You can add me to the list of folks that was disappointed to see that smart thermostat startup Nest wound up paying licensing fees to patent troll Intellectual Ventures (IV). GigaOM’s Jeff John Roberts continues to cover this issue very well, noting “The deal may improve Nest’s position in the ongoing litigation with Honeywell, and could lead to a truce, or some sort of licensing deal between the two companies.” No word on whether IV threatened Nest into paying it licensing fees.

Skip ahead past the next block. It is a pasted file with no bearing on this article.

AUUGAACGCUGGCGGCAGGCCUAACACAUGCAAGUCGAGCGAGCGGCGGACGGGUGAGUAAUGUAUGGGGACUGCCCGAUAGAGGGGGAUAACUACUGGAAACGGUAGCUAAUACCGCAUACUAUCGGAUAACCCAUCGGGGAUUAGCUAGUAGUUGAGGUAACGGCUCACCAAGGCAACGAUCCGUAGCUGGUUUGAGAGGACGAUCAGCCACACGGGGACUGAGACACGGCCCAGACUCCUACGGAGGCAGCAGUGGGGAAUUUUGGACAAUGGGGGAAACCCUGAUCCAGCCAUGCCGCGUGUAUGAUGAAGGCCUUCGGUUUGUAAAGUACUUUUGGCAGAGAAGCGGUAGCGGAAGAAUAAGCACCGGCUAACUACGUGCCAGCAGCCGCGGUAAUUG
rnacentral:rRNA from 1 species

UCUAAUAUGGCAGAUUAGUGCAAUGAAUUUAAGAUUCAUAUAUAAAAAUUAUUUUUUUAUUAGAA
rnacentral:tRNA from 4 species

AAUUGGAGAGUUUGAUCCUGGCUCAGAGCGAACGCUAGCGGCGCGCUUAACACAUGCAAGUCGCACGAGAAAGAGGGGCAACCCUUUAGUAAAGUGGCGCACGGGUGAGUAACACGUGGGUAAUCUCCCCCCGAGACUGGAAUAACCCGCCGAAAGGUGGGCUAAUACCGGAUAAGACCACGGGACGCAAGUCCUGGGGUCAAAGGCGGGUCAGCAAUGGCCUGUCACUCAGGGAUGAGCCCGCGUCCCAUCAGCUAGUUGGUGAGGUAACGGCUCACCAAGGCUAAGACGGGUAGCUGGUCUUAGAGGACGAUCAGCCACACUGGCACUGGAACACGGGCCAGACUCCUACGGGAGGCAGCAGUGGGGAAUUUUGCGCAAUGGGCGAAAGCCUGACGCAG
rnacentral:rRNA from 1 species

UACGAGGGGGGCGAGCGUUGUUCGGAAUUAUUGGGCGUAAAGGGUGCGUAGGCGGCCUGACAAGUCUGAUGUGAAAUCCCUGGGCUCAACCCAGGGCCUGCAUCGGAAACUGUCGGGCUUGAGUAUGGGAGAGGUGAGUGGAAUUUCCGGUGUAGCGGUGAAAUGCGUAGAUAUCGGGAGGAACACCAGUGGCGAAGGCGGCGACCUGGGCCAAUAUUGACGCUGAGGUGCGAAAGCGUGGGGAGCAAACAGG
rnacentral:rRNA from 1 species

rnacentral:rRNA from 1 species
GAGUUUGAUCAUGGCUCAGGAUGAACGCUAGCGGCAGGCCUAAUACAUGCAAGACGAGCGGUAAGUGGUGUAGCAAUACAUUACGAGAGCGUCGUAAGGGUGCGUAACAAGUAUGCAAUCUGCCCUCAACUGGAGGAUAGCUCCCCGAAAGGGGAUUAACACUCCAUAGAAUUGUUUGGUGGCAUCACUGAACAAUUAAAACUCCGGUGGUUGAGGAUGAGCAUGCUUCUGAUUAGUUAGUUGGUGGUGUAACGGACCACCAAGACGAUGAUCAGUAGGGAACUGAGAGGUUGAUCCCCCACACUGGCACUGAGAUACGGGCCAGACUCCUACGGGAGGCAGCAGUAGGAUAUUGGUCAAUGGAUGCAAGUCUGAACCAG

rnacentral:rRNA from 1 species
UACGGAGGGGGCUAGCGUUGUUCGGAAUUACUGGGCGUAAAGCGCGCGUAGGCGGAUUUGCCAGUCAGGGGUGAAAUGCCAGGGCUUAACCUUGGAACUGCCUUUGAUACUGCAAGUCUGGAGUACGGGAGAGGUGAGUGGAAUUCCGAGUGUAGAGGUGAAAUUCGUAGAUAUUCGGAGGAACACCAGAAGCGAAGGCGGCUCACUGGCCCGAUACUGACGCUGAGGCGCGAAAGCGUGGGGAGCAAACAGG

Honeywell’s response to Nest’s innovation has been to sue the company while attempting catchup in the market with its own smart thermostat. Although interestingly the company has been careful not to describe the thermostat as a “learning thermostat.” It makes me wonder if Nest has its own patents surrounding its algorithms and analytics technologies. And Honeywell is aware that it could be vulnerable to becoming the defendant, should it try to rip off some of Nest’s better learning capabilities.
The net effect of all this is less innovation, slowed down competition, and Intellectual Ventures taking in more patent licensing cash. All is not lost. Apparently the Obama Administration has hired a Santa Clara Law Professor who is critical of patent trolling to advise its Office of Science and Technology Policy unit.